Peter Rose

Tosca (Opera Australia)

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17 November 2014

Opera Australia’s spring season in Melbourne opened with John Bell’s production of Tosca, which had its première in Sydney, in June 2013. The company is now adding strong readings of masterworks to its repertoire: this Tosca preceded David McVicar’s brilliant production of

Here is a fine new Australian opera from Victorian Opera. Composer Iain Grandage and librettist Alison Croggon have taken Tim Winton’s Booker-shortlisted novel The Riders (1994) and created a highly expressive work. Marion Potts directs it on a wide but stark stage furnished only with wooden saw horses. There is a balcony and a revolve, but mostly Potts chooses to observe her anguished and introspective characters through a series of fairly static groupings.

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There were few opportunities to hear Handel’s opera Rodelinda, regina de’ Longobardi during the two centuries that followed its première in 1725. Although the opera was a great success at first (Handel said of the 1731 London revival, ‘it took’), it soon fell into obscurity, along with most of Handel’s many operas. A ...

Already, Anu Singh’s story is grimly familiar. Now free again, just thirty-one, she has entered the popular pantheon of malefactors. Her attractive face appears in the newspapers, taut with self-justification. There is talk of a documentary. Notoriety, even a kind of celebrity – that amoral nirvana – is hers.

If Singh’s deepest motivation f ...

Erik Jensen, a young journalist who now edits the Saturday Paper, has written an unusual memoir of his four years shadowing an artist – a difficult artist, it must be said (putting it euphemistically). Any new memoirist like Jensen will be interrogated umpteen times about his motivation. Such is the fascination with biography – fascination mixed with ambivalence – he will be asked about catharsis, whether the exercise was improving, enlightening, transmogrifying. In Tardises and tents the memoirist will become adept at distilling his intentions, whether they be financial or fraternal, vengeful or venerative. In Jensen’s case, this curiosity is likely to be magnified because of his intimacy with his subject and the marked decadence of the setting. This biographer’s rationale is as intriguing as that of his beleaguered subject.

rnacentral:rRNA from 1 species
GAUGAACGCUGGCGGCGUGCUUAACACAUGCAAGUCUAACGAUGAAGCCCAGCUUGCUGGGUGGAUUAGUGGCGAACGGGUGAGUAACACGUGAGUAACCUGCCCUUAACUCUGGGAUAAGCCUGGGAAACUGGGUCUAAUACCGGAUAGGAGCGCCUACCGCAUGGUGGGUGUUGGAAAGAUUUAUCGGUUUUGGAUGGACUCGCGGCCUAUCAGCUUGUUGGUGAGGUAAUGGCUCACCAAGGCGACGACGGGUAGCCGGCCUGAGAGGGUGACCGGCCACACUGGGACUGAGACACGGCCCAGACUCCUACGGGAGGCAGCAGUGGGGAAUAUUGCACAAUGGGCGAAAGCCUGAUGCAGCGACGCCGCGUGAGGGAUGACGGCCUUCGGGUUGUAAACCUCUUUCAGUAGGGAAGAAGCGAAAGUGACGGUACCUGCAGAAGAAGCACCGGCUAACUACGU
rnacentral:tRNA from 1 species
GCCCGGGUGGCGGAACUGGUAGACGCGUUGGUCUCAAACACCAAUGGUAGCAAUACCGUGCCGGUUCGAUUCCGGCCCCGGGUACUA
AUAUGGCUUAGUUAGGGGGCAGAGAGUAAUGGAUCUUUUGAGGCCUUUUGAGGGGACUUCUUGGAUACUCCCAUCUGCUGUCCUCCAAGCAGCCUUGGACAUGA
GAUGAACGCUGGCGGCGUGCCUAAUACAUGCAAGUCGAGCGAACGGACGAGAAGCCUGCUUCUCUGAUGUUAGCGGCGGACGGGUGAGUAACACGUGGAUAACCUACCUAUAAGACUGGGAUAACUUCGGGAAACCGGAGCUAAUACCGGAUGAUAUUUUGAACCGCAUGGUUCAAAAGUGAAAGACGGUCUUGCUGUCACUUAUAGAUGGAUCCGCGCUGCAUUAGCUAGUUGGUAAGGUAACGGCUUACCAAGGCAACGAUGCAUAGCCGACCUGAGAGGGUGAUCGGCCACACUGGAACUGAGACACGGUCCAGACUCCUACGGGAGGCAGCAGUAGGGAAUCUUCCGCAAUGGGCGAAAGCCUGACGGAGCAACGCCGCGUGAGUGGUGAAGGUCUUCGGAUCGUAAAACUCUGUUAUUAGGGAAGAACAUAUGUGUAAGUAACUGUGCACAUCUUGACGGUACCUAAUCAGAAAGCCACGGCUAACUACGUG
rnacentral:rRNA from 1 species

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Georges Bizet was twenty-four when he wrote Les Pêcheurs de perles, which was first performed at the Théâtre-Lyrique in Paris, in September 1863. This was twelve years before Bizet’s masterwork, Carmen, which premièred in the year of his death. The first opera was immediately popular. Berlioz reviewed it warmly. As it happens, this was Berlioz’ ...

sheila fitzpatrickSheila Fitzpatrick, a professor at the University of Sydney specialising in the history of modern Russia, is one of the world’s most influential Soviet historians. She is the author of two memoirs, My Father’s Daughter (2010) and A Spy ...

Andrea GoldsmithAndrea Goldsmith is a Melbourne-based novelist, reviewer and essayist. Her literary essays have appeared in Heat, Meanjin, Australian Book Review, Best Australian Essays, as well as numerou ...

John CoetzeeJ.M. Coetzee was born in South Africa and educated in South Africa and the United States. ...

Don Giovanni

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11 August 2014

Enterprisingly, Opera Australia has enticed Scottish director David McVicar to create new productions of three Mozart operas, beginning with Don Giovanni, currently playing in Sydney (Figaro and Così will follow in 2015 and 2016, respectively). We saw the fifth of thirteen performances scheduled in this long opening season, and already the prod ...